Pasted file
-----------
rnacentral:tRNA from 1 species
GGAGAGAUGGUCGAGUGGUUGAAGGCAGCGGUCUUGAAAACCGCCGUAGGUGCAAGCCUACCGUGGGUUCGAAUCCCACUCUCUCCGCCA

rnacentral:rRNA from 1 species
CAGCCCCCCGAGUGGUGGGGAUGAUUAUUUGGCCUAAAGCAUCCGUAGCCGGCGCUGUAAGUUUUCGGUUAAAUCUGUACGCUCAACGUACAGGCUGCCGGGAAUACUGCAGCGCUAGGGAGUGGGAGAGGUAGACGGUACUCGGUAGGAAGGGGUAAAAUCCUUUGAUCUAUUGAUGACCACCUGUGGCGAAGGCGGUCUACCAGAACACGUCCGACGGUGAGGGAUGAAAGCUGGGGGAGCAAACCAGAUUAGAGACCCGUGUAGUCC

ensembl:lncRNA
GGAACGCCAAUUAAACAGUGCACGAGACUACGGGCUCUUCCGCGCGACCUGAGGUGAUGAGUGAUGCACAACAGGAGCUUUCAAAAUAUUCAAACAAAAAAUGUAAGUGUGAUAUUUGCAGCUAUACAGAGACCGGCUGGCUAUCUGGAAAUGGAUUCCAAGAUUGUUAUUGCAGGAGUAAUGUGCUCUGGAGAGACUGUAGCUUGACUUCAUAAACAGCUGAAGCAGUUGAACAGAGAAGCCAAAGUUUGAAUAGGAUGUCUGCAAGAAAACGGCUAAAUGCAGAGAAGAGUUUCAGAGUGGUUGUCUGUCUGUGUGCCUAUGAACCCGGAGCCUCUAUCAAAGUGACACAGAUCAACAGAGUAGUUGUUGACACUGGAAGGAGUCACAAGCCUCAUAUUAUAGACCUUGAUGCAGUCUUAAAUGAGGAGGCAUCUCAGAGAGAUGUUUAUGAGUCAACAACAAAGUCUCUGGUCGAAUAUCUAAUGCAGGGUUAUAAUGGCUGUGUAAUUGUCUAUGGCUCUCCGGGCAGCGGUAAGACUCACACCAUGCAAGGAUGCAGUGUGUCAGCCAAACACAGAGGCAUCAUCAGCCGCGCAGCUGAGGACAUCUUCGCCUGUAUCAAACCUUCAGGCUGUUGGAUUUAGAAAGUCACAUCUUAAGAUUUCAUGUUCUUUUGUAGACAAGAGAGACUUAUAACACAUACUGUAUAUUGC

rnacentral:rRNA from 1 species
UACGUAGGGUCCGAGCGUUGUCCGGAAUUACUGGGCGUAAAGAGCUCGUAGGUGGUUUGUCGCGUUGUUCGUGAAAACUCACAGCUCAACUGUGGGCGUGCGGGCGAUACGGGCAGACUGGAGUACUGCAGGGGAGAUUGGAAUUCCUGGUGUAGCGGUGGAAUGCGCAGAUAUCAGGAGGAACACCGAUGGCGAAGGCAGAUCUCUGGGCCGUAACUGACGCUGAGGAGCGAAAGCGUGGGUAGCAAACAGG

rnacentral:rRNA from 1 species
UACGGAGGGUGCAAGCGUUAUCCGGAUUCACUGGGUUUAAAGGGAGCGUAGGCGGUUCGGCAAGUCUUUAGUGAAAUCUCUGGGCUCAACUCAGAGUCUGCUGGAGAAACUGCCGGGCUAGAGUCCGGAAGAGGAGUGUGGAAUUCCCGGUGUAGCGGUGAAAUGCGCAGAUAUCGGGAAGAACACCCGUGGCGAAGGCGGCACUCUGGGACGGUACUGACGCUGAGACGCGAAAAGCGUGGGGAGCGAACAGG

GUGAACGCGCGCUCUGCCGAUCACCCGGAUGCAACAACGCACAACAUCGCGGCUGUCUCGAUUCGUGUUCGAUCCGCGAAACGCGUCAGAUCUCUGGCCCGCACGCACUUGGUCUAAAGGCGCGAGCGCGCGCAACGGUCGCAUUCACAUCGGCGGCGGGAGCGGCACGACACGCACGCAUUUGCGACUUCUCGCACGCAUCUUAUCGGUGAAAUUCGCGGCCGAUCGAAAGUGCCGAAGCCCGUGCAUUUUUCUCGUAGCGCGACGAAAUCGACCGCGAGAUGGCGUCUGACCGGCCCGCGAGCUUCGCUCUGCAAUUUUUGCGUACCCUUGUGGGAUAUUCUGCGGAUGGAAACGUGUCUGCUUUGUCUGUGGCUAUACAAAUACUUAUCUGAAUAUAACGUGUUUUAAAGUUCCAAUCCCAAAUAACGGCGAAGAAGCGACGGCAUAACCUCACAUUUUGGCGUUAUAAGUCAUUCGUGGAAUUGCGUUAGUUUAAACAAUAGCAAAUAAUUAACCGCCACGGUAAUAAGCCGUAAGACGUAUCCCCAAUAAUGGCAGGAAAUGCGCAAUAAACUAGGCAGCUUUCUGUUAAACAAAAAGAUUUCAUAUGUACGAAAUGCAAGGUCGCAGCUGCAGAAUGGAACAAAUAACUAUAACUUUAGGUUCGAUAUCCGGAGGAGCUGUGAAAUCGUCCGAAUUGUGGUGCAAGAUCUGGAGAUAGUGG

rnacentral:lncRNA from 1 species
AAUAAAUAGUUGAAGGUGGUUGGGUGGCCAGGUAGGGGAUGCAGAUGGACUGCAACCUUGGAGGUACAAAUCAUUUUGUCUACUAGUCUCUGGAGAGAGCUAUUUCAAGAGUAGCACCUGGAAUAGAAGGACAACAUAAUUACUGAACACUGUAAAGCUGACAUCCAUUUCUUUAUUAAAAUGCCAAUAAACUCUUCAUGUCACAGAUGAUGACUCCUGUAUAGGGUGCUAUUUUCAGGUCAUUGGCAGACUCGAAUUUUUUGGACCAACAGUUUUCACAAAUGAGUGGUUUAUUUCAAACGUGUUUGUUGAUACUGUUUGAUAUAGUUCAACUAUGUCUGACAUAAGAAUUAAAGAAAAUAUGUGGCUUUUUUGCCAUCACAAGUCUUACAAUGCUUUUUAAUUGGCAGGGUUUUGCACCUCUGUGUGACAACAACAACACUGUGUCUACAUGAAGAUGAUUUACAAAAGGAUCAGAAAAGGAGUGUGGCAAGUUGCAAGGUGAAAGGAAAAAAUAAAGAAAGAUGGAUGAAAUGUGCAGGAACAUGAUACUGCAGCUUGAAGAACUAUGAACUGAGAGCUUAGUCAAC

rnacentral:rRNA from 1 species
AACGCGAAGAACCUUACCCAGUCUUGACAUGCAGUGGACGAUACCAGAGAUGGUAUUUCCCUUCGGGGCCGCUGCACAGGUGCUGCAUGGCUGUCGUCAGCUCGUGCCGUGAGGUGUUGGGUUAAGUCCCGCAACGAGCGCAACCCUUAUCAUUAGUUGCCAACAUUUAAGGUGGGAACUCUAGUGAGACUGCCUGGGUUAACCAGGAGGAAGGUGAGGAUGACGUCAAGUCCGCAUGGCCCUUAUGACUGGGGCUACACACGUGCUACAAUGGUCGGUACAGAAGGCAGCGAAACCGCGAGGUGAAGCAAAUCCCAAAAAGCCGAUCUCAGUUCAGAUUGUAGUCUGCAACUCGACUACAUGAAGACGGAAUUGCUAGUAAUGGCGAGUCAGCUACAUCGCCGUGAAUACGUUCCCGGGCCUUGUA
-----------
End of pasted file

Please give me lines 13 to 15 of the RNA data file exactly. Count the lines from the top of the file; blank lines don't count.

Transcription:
AAUAAAUAGUUGAAGGUGGUUGGGUGGCCAGGUAGGGGAUGCAGAUGGACUGCAACCUUGGAGGUACAAAUCAUUUUGUCUACUAGUCUCUGGAGAGAGCUAUUUCAAGAGUAGCACCUGGAAUAGAAGGACAACAUAAUUACUGAACACUGUAAAGCUGACAUCCAUUUCUUUAUUAAAAUGCCAAUAAACUCUUCAUGUCACAGAUGAUGACUCCUGUAUAGGGUGCUAUUUUCAGGUCAUUGGCAGACUCGAAUUUUUUGGACCAACAGUUUUCACAAAUGAGUGGUUUAUUUCAAACGUGUUUGUUGAUACUGUUUGAUAUAGUUCAACUAUGUCUGACAUAAGAAUUAAAGAAAAUAUGUGGCUUUUUUGCCAUCACAAGUCUUACAAUGCUUUUUAAUUGGCAGGGUUUUGCACCUCUGUGUGACAACAACAACACUGUGUCUACAUGAAGAUGAUUUACAAAAGGAUCAGAAAAGGAGUGUGGCAAGUUGCAAGGUGAAAGGAAAAAAUAAAGAAAGAUGGAUGAAAUGUGCAGGAACAUGAUACUGCAGCUUGAAGAACUAUGAACUGAGAGCUUAGUCAAC

rnacentral:rRNA from 1 species
AACGCGAAGAACCUUACCCAGUCUUGACAUGCAGUGGACGAUACCAGAGAUGGUAUUUCCCUUCGGGGCCGCUGCACAGGUGCUGCAUGGCUGUCGUCAGCUCGUGCCGUGAGGUGUUGGGUUAAGUCCCGCAACGAGCGCAACCCUUAUCAUUAGUUGCCAACAUUUAAGGUGGGAACUCUAGUGAGACUGCCUGGGUUAACCAGGAGGAAGGUGAGGAUGACGUCAAGUCCGCAUGGCCCUUAUGACUGGGGCUACACACGUGCUACAAUGGUCGGUACAGAAGGCAGCGAAACCGCGAGGUGAAGCAAAUCCCAAAAAGCCGAUCUCAGUUCAGAUUGUAGUCUGCAACUCGACUACAUGAAGACGGAAUUGCUAGUAAUGGCGAGUCAGCUACAUCGCCGUGAAUACGUUCCCGGGCCUUGUA